It’s been a while, but I was back in the gers of the mongols. Khasar, Kachiun, Temuge, Tolui, Ogedai, Kublai and General Tsubodai, all here, except one.
Genghis is dead, and his legend casts a long and imposing shadow over his fledgling Mongol nation. His chosen heir, Ogedai battles with his health as well as his brother as he builds his people’s first true city, Karakorum.
Book four of Iggulden’s Conqueror series is as slick as the first three. There are few who do such epic historical narratives as Iggulden and it’s a genre that I think can offer a lot as well as bringing history to vivid life for people who may not have any interest in the actual events or people. His Emperor series did this for Rome and all it’s intrigues, but the Conqueror series offers more for me. While I love Roman history I know less about Genghis and his nation, and this keeps me engaged as the novel gallops along at pace, barely pausing as the Mongol tumans head west to expand the empire. Iggulden cleverly changes historical fact if he thinks it fits the narrative better but always highlights these during his author’s notes.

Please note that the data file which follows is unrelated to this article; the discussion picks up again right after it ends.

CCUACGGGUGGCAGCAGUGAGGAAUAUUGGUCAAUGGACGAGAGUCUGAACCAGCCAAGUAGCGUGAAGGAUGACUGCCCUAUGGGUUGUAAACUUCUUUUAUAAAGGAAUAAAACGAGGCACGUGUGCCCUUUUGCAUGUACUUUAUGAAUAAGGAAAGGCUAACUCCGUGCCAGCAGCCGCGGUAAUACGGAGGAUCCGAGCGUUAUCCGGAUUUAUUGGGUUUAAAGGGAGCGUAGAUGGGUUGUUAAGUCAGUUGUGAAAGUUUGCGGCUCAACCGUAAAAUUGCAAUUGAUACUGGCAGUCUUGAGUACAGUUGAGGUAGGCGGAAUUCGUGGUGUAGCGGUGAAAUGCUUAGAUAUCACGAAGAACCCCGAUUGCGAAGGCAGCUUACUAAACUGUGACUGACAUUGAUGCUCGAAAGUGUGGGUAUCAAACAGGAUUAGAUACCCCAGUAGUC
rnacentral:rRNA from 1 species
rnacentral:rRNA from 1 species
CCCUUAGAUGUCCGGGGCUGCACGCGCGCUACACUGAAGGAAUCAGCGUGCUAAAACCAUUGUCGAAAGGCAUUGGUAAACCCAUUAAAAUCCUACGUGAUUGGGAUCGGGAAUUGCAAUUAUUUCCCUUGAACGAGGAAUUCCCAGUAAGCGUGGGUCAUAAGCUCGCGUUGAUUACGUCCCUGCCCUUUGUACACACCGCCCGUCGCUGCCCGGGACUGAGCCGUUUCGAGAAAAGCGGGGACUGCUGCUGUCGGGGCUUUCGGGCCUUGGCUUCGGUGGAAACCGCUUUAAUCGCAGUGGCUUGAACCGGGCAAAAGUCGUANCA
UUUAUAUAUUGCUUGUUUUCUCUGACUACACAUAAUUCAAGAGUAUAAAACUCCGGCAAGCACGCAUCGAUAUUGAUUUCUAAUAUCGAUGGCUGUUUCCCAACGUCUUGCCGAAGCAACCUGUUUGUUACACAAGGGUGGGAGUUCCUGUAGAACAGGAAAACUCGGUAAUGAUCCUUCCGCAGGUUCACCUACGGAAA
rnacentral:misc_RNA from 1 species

By the end of Empire of Silver the Mongols have pushed so far west their scouts were gazing upon Italy. They had swept through Russia and Hungary, destroying all before them. In the end it is not the Europeans that stops them, but events closer to home. After years expanding the border, General Tsubodai is ordered to return the tumans to Karakorum
I assumed Empire of Silver would be the last book in a series of four, but before I started reading it I saw Conqueror in the bookshop and I remembered that Kublai had been running around as a small child at the end of Bones of the Hills, so it seems I will happily be riding along with the Khans for a while yet.